The unique base-map to plot living habitats combine a variety of mapping forms usually seen in isolation, to show the city as supporting a diverse range of habitats we would rarely discover, using LiDAR orthoimagery of trees, shrubs and grasses across the unpaved areas of San Francisco, and help us follow the habitats that the greening of a city allows far beyond its parks. The revisionary base-map it used to plot living habitats combine a variety of mapping forms usually seen in isolation, to show the city as supporting a diverse range of habitats we would rarely discover, but in which the living structures of the city might be best located and situated. Even if we use our old mapping habits to approach the below map of greenspace in San Francisco–and try to locate where we stand, whose houses we’ve visited, or lived in, or where we remember meeting someone or had fun, as if to try to correlate that experience with the density of green cover, in exploring the actual map we try to “map” those greenspaces into the range of habitat that the city also preserves and includes.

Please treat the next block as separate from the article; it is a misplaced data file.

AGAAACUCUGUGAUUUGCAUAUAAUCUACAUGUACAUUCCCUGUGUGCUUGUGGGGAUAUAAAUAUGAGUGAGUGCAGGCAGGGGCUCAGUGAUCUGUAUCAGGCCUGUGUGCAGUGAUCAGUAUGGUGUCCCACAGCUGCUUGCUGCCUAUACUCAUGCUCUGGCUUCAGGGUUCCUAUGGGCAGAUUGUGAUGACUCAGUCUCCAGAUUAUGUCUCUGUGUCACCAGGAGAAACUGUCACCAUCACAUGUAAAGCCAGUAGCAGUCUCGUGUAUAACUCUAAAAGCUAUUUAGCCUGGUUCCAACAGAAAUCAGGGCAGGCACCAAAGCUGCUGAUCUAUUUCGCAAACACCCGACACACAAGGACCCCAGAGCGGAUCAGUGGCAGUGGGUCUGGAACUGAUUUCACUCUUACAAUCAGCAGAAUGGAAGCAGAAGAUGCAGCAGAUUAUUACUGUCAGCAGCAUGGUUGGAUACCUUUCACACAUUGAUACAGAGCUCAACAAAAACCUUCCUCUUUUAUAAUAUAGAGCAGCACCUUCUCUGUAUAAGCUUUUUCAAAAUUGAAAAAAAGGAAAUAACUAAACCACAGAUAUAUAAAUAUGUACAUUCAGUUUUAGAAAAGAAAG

Nature in the City basemap/LiDAR orthoimagery of San Francisco with added bathymetry